Last week, snow covered the ground for the first time this year. There were still many garden chores Id hoped to do.
Some dont require the ground uncovered: I urged myself to get busy and shut off the indoor feeds to the outdoor faucets, to cover the hose reel; to gather and toss onto the snow the ripe seeds of flower-of-an-hour, nodding onion and lambs quarters, a weed whose spinachy-tasting leaves I relish.
But if the snow lasted, Id have to leave weeding 'til spring. I love johnny jump-ups, but last summer they almost smothered my viola labradorica. I pulled the offenders out (I have plenty around the yard) but thousands of seedlings sprouted, and are thriving now; I know theyll grow under snow. I dont know about lamiastrum, but its almost crossed the path into some daylilies I dont want to lose....
Still, I wasnt too sorry. Its getting harder every year to get myself outdoors in the cold tail end of the gardening season. Snow cover would be a relief.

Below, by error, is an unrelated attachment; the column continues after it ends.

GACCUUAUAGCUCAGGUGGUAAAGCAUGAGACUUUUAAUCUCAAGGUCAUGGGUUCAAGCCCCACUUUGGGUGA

Then it melted. By upbraiding myself roundly, I got myself out working. My back was pretty sore afterward, but I enjoyed getting tasks done. It was worth it; I knew I would feel that way and still I resisted.
I was glad for the reprieve in the weather and at the same time Im still longing for winters rest. This ambivalence reminds me of something.... With spring fever, people feel odd combinations of laziness and restlessness; we want to get outdoors again. I think I have the reverse.
You can attribute it to melatonin, the hormone produced by the pineal gland when its not exposed to sunlight. In animals, melatonin triggers hibernation.
Or you can see it in a wider context. These times of transition are called by anthropologists liminal, after the Latin word for threshold. All the earth-centered cultures of the world acknowledge that they raise strong feelings and other powerful energies.
Liminal times are spooky, magical: sunrise and sundown, birth and death; initiations and rites of passage; New Years and Halloween (Northwestern Europes ancient New Year ); the dark of the moon; the threshold between waking and sleep.
As I was waking this morning, I thought I heard snowplows rumble down our street. As it turns out, they were not but theyre coming soon. I can hear them, here on the threshold of winter.